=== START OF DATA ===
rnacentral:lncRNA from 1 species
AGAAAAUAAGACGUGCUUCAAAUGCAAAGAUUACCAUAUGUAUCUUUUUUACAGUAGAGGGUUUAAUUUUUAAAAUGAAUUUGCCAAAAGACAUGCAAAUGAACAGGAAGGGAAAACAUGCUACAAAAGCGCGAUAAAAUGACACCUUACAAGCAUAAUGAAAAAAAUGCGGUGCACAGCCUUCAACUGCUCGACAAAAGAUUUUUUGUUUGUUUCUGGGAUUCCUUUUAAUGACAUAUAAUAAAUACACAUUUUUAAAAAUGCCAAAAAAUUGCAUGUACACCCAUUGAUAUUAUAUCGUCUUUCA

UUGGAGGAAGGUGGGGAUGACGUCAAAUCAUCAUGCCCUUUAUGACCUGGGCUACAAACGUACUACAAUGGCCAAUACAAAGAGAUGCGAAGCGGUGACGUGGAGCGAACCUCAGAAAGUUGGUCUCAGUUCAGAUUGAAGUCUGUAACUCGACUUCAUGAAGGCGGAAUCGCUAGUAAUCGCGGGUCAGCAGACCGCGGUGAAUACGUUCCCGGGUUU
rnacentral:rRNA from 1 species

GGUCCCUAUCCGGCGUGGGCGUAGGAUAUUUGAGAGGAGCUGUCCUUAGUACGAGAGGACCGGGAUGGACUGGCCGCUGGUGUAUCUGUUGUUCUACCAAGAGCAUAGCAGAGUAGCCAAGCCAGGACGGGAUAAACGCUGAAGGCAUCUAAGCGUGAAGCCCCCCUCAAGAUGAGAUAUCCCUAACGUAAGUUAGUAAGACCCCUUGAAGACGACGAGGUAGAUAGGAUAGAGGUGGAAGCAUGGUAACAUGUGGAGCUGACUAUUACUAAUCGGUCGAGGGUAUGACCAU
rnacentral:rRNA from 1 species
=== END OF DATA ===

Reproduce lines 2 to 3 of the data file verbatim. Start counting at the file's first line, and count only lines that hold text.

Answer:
AGAAAAUAAGACGUGCUUCAAAUGCAAAGAUUACCAUAUGUAUCUUUUUUACAGUAGAGGGUUUAAUUUUUAAAAUGAAUUUGCCAAAAGACAUGCAAAUGAACAGGAAGGGAAAACAUGCUACAAAAGCGCGAUAAAAUGACACCUUACAAGCAUAAUGAAAAAAAUGCGGUGCACAGCCUUCAACUGCUCGACAAAAGAUUUUUUGUUUGUUUCUGGGAUUCCUUUUAAUGACAUAUAAUAAAUACACAUUUUUAAAAAUGCCAAAAAAUUGCAUGUACACCCAUUGAUAUUAUAUCGUCUUUCA

UUGGAGGAAGGUGGGGAUGACGUCAAAUCAUCAUGCCCUUUAUGACCUGGGCUACAAACGUACUACAAUGGCCAAUACAAAGAGAUGCGAAGCGGUGACGUGGAGCGAACCUCAGAAAGUUGGUCUCAGUUCAGAUUGAAGUCUGUAACUCGACUUCAUGAAGGCGGAAUCGCUAGUAAUCGCGGGUCAGCAGACCGCGGUGAAUACGUUCCCGGGUUU